Mobility in retail – delivering empowerment to customers and staff

Robin Coles, Product and Technology Lead at HSO, blogs about the need for retailers to embrace mobility to continue what was once a given in retailing – high quality customer service. However, to deliver maximum in-store service, retailers must not forget the needs of sales assistants or service staff when formulating the most appropriate mobile strategy for their business.

We are told that Mobility is now all pervasive in Retailing, that in the time pressured 21st century world, where consumers are always on the move and need everything at once, that this is a key driver in the effort to remain competitive.

However, if we investigate what Mobility actually means, it is surely about continuing to provide what was once a given in Retailing, namely high quality Customer Service, anytime, anywhere, yet at a faster pace, with a mountain of data available.

Retailing has of course always been about detail, understanding the customer, knowing what stock is available, making promises that could be kept, with efficient service at the core. Yet, in today’s retailing, with less time, with disruptive competitors and with product and price information available at the touch of a button, the power in the relationship is now in the consumer’s hands.

It is clear that the internet has driven this change, and to provide the service that the customer requires, each retailer must embrace mobility, formulating the most appropriate mobile strategy for their business. Crucially, this must consider what mobility means for the customer, as part of their purchase journey, yet align that with the requirements of in-store service staff, a group that has seen this initiative largely pass them by.

A well thought out mobile strategy should be focused on ‘seizing the moment’, by providing the service that the customer wants to see at the point they want to see it, whilst enabling in-store staff to react quickly to ever changing customer demands.

For consumers, this will be focussed on making the buying process as seamless as possible, providing high availability and integrating all back end channel processes, to deliver a pleasing experience.

On the web this should include the traditional ordering cycle to be supported, but also for visibility of stock across the estate, for example, what size 8 dresses are in-stock in the local store. In the store environment, consideration should be given for the ability for shoppers to be served in front of the goods on the shop floor, thereby skipping checkout lines, whilst in the fitting room, where assistance is required, the customer can request new colours/sizes, or additional products, at the touch of a button.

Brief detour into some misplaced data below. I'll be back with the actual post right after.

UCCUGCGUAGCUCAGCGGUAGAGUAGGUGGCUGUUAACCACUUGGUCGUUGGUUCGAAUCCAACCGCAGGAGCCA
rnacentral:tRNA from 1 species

However, to deliver maximum in-store service, what must not be forgotten are the needs of the sales assistant or service staff, which after all form a substantial part of a retailers store investment. Providing such staff with mobility solutions, whether smartphone, tablet or wearable devices, makes them a part of the customer’s journey, responsive to their needs, empowered to make decisions and a key part of a retailer’s brand image.

A modern store environment should provide Mobility solutions in the hands of store staff, including the following:

  • Visibility of orders that require action, for example, those that require shipping, recognising the service level that the customer has paid for, or those that are now ready for collection and require processing.
  • Efficient and speedy processing for customer order collections, for the time pressured customer, recognising the additional up-sell opportunities this provides.
  • Access to information allowing speedy responses to requests for detailed product information and/or stock availability across the retail estate.
  • Tools that, in the right environment, support a clienteling led approach, whereby an assistant can view customer likes, dislikes and transaction history, as part of a sales based dialogue.
  • Support for technology in the fitting room, enabling tracking of what goods are taken there, additional product recommendations, and requests for assistance to be processed, whether product or service based,
  • Ability to quickly and efficiently perform in-store stock movements, including goods receipt, transfers in and out, stock adjustments, and stock reservations, with the actions recorded in real time to the corporate systems. This activity drives stock accuracy and availability, a key requirement of Mobility.

To summarise, Mobility is an area that delivers empowerment, to the consumer in their lifestyle choices, how they shop and where they choose to spend their time, and to the retailer’s staff in how well they can manage their environment and respond to customer demands.


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